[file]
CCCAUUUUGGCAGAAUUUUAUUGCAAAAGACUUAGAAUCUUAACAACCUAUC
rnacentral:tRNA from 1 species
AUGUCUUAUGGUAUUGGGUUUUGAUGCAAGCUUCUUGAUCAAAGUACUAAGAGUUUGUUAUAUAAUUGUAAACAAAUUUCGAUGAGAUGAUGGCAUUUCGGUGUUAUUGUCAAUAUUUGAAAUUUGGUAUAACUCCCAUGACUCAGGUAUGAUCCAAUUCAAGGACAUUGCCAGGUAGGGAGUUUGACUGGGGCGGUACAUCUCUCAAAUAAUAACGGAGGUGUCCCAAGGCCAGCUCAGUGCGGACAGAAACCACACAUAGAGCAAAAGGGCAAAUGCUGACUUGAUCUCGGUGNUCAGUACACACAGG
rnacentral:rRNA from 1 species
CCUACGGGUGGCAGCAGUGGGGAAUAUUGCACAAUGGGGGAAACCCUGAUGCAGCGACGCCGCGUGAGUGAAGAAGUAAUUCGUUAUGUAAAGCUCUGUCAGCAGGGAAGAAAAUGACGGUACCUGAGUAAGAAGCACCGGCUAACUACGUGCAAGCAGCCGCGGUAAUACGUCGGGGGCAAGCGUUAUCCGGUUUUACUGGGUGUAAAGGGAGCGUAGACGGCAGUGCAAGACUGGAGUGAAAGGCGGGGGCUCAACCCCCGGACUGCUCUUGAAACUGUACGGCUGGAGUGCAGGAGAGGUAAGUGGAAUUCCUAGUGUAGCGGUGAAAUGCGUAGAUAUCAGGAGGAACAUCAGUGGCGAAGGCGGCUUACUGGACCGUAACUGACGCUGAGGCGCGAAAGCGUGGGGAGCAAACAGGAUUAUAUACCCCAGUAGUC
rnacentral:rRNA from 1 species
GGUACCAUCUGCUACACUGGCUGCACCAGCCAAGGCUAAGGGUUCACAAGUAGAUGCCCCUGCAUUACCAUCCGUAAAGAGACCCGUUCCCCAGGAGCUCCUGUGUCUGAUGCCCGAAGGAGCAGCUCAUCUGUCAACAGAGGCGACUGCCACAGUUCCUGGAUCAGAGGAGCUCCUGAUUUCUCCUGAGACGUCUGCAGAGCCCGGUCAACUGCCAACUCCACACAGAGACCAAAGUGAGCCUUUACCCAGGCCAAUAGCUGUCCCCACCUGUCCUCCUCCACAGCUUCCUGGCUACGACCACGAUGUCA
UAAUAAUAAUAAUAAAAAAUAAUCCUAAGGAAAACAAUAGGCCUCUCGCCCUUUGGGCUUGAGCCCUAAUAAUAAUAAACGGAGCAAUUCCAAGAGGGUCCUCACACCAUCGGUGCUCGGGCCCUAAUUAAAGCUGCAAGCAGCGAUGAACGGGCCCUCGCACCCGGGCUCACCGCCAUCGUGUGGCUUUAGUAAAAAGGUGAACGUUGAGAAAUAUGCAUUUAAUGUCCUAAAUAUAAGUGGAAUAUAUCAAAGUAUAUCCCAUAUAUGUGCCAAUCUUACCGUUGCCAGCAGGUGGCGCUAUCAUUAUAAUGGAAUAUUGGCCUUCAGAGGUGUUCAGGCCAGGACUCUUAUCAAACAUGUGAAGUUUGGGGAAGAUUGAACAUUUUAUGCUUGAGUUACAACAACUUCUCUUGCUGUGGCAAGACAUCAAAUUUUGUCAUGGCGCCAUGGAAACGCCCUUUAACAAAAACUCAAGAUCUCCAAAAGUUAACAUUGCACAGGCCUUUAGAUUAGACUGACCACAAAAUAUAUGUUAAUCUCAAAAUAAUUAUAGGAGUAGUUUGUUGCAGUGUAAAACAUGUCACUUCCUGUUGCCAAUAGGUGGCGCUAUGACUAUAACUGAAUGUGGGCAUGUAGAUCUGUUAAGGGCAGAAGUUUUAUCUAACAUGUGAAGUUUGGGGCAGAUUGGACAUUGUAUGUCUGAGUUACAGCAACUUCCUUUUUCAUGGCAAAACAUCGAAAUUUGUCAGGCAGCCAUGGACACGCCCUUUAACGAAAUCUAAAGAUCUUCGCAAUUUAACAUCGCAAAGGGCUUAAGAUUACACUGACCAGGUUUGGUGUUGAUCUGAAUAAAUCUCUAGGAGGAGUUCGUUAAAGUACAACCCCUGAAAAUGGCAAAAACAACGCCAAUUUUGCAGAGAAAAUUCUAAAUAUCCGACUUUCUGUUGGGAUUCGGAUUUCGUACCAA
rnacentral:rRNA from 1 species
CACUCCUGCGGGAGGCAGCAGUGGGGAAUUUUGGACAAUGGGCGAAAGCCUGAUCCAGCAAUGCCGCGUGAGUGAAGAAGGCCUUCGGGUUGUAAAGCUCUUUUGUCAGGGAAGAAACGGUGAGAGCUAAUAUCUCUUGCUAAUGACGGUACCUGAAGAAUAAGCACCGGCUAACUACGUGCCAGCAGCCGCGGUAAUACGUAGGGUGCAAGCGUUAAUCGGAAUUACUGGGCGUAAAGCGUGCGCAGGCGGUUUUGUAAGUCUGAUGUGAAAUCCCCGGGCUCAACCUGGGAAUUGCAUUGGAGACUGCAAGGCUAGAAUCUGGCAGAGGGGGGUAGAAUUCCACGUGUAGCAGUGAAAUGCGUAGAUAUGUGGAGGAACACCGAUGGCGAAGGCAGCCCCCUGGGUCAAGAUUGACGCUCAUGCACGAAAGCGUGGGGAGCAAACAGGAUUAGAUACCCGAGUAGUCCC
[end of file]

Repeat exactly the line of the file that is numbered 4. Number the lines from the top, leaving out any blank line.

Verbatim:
rnacentral:rRNA from 1 species